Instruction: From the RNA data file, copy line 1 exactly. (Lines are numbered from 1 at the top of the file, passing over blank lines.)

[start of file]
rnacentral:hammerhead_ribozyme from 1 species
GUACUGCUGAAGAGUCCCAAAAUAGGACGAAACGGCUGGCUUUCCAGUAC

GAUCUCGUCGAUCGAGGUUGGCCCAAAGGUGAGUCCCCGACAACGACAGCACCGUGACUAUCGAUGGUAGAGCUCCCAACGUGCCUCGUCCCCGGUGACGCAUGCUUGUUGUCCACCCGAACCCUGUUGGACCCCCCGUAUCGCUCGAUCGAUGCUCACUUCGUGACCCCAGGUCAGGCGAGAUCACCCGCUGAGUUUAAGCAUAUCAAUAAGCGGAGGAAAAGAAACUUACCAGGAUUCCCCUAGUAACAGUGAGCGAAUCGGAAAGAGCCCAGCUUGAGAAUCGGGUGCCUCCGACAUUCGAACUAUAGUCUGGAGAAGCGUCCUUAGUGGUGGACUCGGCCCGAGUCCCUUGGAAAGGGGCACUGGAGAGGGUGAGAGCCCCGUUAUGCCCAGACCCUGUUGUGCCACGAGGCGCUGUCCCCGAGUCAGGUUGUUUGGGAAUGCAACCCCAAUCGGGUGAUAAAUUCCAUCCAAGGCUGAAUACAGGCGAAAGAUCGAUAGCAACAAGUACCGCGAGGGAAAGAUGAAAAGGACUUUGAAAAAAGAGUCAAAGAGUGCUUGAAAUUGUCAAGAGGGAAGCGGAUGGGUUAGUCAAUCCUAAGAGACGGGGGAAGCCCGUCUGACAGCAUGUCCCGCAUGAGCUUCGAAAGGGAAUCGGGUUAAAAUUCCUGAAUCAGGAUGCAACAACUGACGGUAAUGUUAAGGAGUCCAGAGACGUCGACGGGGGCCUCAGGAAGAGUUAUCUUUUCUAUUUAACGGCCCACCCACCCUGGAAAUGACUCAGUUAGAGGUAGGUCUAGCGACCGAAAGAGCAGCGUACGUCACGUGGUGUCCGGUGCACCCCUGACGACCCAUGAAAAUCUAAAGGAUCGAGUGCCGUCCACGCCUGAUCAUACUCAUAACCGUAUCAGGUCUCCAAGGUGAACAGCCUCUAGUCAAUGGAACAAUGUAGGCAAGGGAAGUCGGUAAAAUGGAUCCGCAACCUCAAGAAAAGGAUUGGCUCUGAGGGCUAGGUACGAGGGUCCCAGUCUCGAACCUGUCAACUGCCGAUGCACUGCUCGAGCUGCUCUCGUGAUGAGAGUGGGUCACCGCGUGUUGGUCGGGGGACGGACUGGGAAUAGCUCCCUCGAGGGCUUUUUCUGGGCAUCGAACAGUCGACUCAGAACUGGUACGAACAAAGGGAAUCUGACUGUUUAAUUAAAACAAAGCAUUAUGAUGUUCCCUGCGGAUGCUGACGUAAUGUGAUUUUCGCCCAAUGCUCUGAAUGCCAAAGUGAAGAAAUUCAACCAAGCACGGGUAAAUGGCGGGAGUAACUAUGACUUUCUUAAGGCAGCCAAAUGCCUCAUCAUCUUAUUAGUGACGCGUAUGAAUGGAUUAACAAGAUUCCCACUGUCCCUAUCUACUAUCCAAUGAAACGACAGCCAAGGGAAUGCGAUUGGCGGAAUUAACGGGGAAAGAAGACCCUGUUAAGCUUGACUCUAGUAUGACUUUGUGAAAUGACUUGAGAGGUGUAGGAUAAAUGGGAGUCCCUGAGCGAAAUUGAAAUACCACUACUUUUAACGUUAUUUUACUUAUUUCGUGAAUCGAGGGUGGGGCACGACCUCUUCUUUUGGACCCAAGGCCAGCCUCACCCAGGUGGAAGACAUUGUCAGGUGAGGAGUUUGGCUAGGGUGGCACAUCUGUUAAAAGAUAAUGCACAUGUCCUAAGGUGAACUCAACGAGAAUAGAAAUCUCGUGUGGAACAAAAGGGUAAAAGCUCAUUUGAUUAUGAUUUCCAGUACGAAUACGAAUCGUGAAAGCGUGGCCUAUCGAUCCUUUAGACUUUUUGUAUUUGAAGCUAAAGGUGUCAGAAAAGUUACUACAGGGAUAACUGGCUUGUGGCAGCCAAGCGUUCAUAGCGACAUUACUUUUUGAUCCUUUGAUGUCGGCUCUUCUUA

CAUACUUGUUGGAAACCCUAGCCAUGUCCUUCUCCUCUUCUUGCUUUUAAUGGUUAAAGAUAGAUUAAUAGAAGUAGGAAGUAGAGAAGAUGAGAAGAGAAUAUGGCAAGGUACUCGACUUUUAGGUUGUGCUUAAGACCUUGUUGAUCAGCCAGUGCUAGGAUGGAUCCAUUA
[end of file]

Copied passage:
rnacentral:hammerhead_ribozyme from 1 species